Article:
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Georgia, Ohio Loom as Key Super Tuesday Prizes

Georgia, Ohio Loom as Key Super Tuesday Prizes

By Erin McPike - February 17, 2012


CNN yesterday canceled a planned presidential debate in Georgia on March 1 after Ron Paul, Mitt Romney and Rick Santorum all declined to attend. But for the three Republican candidates not named Newt Gingrich, their decision may represent a missed opportunity.

Georgia awards more delegates than any of the 10 other states also holding nominating contests on Super Tuesday, March 6. The Peach State will allocate 76 delegates, to be exact -- 10 more than Ohio's 66. Georgia also happens to be Gingrich's home state, and early expectations were that he would win it easily.

And so, political operatives in each of the campaigns have long considered Ohio to be Super Tuesday’s marquee state. In fact, Rick Santorum is spending two days there this weekend even as polls show him leading Romney in the latter’s so-called home state of Michigan, which holds its primary a week before Ohio. (Such a victory could upend the race.) Romney has campaigned in Ohio throughout the cycle, and Gingrich gave up on Colorado, Missouri and Minnesota last week to spend some quality time in the key Midwestern swing state.

As for Georgia, Romney has held a rally in Atlanta, the one area of the state that could be favorable to him, and Santorum will campaign there on Sunday.

The RCP polling average in Georgia shows Gingrich with an edge of 15.3 percentage points. And yet, the most recent poll there shows Santorum surging past Romney into second place. Gingrich garnered 35 percent of those surveyed in a Landmark/Rosetta Stone survey, conducted Feb. 9, to Santorum’s 26 percent. Romney was third with just 16 percent -- and that number is significant.

The reason is simple: Thirty-four “at-large” delegates will be split proportionally among all of the candidates who get at least 20 percent of the vote, meaning Romney could be denied a share of them if he doesn’t garner a fifth of the state’s vote.

The remaining 42 delegates will be awarded by congressional district, three in each of the 14 jurisdictions. If any candidate wins at least 50 percent of the vote in a district, he would get all three of its delegates, and that means Gingrich could run up his count. But Santorum and Romney are advertising on TV there, and it makes sense for them to play hard in the state: If no candidate reaches the 50-percent threshold in a district, the one with the highest vote total gets two delegates, and the candidate who places second gets one. The big prize for Santorum and Romney would be to build up scores against each other or keep Gingrich’s totals down.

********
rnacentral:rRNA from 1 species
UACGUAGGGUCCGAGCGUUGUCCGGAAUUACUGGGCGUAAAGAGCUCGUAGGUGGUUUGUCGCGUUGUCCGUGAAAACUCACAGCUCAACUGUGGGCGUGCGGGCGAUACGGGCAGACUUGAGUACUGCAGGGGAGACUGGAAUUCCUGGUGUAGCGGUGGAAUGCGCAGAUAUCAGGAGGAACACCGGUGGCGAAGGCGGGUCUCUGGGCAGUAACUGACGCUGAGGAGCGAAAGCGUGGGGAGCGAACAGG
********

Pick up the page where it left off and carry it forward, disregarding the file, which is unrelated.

Gingrich political director Martin Baker insists that “we’re competing for all 76 of the delegates,” though, given the proportional allocation, it’s impossible to get every one. Still, the campaign hopes to stockpile a large share of them.

In 2008, Mike Huckabee beat Romney and John McCain in Georgia, a very conservative state. His spokeswoman, Alice Stewart, is now the national press secretary for Santorum. A native Georgian, she joked in a phone interview, “I delivered Georgia for Mike Huckabee, and I hope to do the same for Rick Santorum.”

Ohio, unlike Georgia, awards delegates on a winner-take-all basis for each of its congressional districts. With 16 districts, 48 delegates are at stake, but Santorum did not qualify for the ballot in three districts and so is already nine delegates in the hole -- even if he wins the state overall on Super Tuesday. The remaining 18 delegates are awarded proportionally based on the statewide vote, but if any candidate were to break 50 percent, they’d win all of them. And that’s a large part of why Gingrich, Santorum and Romney are campaigning so hard there -- to keep any of the others from a clean sweep. 

Erin McPike is a national political reporter for RealClearPolitics. She can be reached at emcpike@realclearpolitics.com. Follow her on Twitter @ErinMcPike.

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